Having said that, I must also say that if this is all I have to really worry about, then I am very fortunate. We don’t have earthquakes or volcanoes, typhoons or tornados, devastating floods or droughts, forest or prairie fires, the list of natural disasters is endless, so what have I got to complain about? The answer is nothing at all. Indeed I thank God for all my blessings in life, my wife and family, my friends, my health and material blessings, and above all for my Catholic faith which, through God's goodness, illumines our way in this life and gives us holy hope for the next. We are very fortunate to have here the priests of the ‘Sons of the Most Holy Redeemer’ (F.SS.R), to provide our spiritual needs. Under the Superior General, Fr Michael Mary, the F.SS.R. have recently been reconciled with Rome, having been out of favour for the last 25 years or so as a result of their adherence to the Latin Mass, traditional liturgy, and traditional teaching of the Church, much of which had been relegated to the back-burner since Vatican 2 (1965). There are now recognisable signs and real evidence that the modernist and liberal thinkers have had their day, and that their time is fast running out. The Holy Father, initially single-handed, condemned in particular,the liturgical abuses and malaise of the modern Church, endorsing by word and deed the value and need for a return to Catholic orthodoxy, a view fast gaining favour at all levels of the hierarchy. With the ‘Motu Proprio’(2007), the Holy Father invited, indeed pleaded with, all those ‘out of favour’ traditionalist priests and religious to reconcile fully with Rome, and thus add their considerable numerical and spiritual support to the Church in its mission of Catholic renewal and evangelisation. The F.SS.R responded positively to this invitation of the Holy Father, a response which in their particular circumstances, demanded great faith, real courage, and total loyalty to the See of Peter. Up to that time, the F.SS.R.(also known as the Transalpine Redemptorists) had maintained a close working relationship with the Society of St Pius Xth (SSPX) and were responsible for the production and distribution worldwide of the traditional newspaper ‘Catholic’. So far the SSPX has not reconciled with Rome, and indeed certain members have publicly ridiculed Fr Michael and his community for doing so. Many accusations, conjectures and baseless suppositions,have been made; the sale of the ‘Catholic’ to traditional SSPX congregations in the UK, USA, S.Africa, India, and Asia, has been banned, with significant financial implications for the F.SS.R. You may well ask what the reasons are for this public condemnation and punishment. Surely the acknowledgement of, and practical recognition of, the Holy Father as Head of the Church on earth, is not a crime. Indeed this acknowledgement is obligatory for all Catholics. Only one priest from the Community, Fr Nicholas, dissented from the reconciliation with Rome, and he has chosen to remain on Stronsay, living in a rented house with his mother. The small, but previously close Catholic community on Stronsay has been divided, with some remaining true to, and supporting Fr Michael and the F.SS.R., and others allying themselves to Fr Nicholas. It has to be asked whether such division was necessary, for it certainly is not good. With the ‘Motu Proprio’(2007) of Pope Benedict XVIth, we - the supporters of Fr Michael, have and will continue to have the traditional Latin Mass every day in Our Lady’s Chapel. We believe the same traditional articles of faith that we have always believed, we receive the same traditional spiritual instruction that we have always received, and our traditional priests are in full unity with Rome and the Vicar of Christ. Our priests have full faculties for hearing confessions, which does not apply to Fr Nicholas, and we have the opportunity for daily Communion. We have a resident priest from the F.SS.R monastery staying on Stronsay itself, currently it is Fr Michael, and we have ‘Our Lady’s Chapel’ with the Blessed Sacrament, open for visits during the day. What more can we ask, and how grateful we are. Sadly our 'separated brethren' do not share our joy. Personal conviction, misunderstanding or ignorance, pressure and influence from others, individually or collectively have combined to alienate those Catholics holding rigidly to the SSPX line, and of course Fr Nicholas is in touch with and has the support of the SSPX, who by their words and deeds, seem intent on trying to destroy all that Fr Michael and the F.SS.R community represent. This will never happen, and hopefully time and awareness will combine to soon dispel existing doubts and fears, so that our community may once again be united. On a much brighter note, we are all looking forward to seeing again the five seminarians of the F.SS.R community who are returning to Papa Stronsay tomorrow for the Christmas vacation, from the FSSP Seminary in Nebraska, USA, where they have been since September. They are truly inspiring young men, and a great credit to the F.SS.R , and we pray that God will bless and Our Lady protect them. Every Christmas here on Stronsay, the monks build a substantial ‘weather-proof’ and ‘wind-resistant’ Crib outside ‘Our Lady’s Chapel’ at the end of the quay. This is under construction at the moment, and I’m sure that as usual, it will be rather special! I will try to get a photograph when completed, and post it on this site. To digress somewhat, we constantly hear deeply depressing news regarding the public comments and behaviour of prominent ostensibly ‘Catholic’ lay figures, who scandalise many souls by their disregard for Church teachings. We also hear of prelates who seem to enjoy showing contempt for the person and unique status of the Holy Father, by ignoring his directions or twisting his words. I always remember as a young man attending a ‘Retreat’ at school given by that wonderful Jesuit priest, Fr Bernard Bassett. I cannot pretend to remember everything he said, it was more than 55 years ago, but one thing I do remember was his description of an organisation, eg.the Church, which he likened to a barrel of apples containing both good and bad fruit, and that ‘because some apples in the barrel are rotten you do not discard the rest, and the barrel of apples still remains - a barrel of apples.’ Thus the Church has bad members, but that does not mean that all members are bad, indeed many are excellent, neither does it detract from the eternal truths held and taught by the Church on the authority of Christ. Hence we will think no more of ‘rotten apples', and instead return our thoughts to the good and generous F.SS.R seminarians of Papa Stronsay, and indeed seminarians everywhere, who give us real joy and hope for the spiritual well-being of the Church militant, both now and for the future. In spite of scandals, disappointments and rejection by the world and even by friends, we should remember Our Lord's words and not be afraid, placing all our hope and trust in Christ, who promised that He would be with His Church for all time, even unto the consummation of the world. Our Lady, Mother of Christ and Help of Christians, pray for us.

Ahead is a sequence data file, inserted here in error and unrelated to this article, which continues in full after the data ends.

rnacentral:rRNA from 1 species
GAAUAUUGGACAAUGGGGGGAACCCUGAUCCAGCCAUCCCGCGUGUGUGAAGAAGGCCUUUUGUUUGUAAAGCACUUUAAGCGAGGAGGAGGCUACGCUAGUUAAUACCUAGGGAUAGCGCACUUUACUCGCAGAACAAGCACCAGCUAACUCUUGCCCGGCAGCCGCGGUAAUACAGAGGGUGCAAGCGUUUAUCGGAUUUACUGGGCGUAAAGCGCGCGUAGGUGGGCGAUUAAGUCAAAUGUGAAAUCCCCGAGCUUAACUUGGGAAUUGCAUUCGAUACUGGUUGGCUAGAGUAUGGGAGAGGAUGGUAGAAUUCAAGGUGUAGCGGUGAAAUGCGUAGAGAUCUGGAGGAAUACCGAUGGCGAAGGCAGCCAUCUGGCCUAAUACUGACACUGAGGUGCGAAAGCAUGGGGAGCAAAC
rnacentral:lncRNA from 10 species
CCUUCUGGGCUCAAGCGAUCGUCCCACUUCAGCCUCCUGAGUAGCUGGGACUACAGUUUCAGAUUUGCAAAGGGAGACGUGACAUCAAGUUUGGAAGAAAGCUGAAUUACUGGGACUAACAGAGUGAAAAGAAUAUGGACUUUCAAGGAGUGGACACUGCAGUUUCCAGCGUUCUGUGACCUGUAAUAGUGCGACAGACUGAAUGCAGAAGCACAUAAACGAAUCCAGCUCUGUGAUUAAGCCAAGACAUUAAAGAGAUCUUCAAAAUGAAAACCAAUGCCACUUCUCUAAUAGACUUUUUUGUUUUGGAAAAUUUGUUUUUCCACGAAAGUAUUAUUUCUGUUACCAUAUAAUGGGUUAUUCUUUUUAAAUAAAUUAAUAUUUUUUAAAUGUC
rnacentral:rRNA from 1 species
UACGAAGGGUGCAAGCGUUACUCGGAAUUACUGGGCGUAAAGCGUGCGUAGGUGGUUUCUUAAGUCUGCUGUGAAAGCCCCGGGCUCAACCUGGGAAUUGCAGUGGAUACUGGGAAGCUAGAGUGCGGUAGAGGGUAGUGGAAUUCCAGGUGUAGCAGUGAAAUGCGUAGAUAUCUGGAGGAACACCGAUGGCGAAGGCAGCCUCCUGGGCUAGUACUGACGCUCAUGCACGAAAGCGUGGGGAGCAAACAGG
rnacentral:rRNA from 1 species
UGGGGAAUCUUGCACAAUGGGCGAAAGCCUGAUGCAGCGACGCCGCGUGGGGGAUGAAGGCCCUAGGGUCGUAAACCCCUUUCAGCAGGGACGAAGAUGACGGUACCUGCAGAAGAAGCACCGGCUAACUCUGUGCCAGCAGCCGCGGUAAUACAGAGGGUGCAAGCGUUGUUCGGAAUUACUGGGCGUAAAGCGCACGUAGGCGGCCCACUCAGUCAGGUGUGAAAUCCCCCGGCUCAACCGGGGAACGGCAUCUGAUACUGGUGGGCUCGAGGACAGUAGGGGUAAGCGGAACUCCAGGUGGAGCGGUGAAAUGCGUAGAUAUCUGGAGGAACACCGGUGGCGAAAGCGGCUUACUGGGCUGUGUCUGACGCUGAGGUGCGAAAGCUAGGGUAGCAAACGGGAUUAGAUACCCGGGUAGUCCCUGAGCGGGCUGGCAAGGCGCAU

Wishing all those who have laboured thus far, a very happy Christmas and New Year. Finally in this Season of Christmas, a time of Christian joy and peace to men of goodwill, I ask pardon for any hurt, injustice, or lack of charity, that I may have been guilty of, in any post or comment at any time. I can be contacted by email on '' should you so wish. Thank you. Brian Crowe.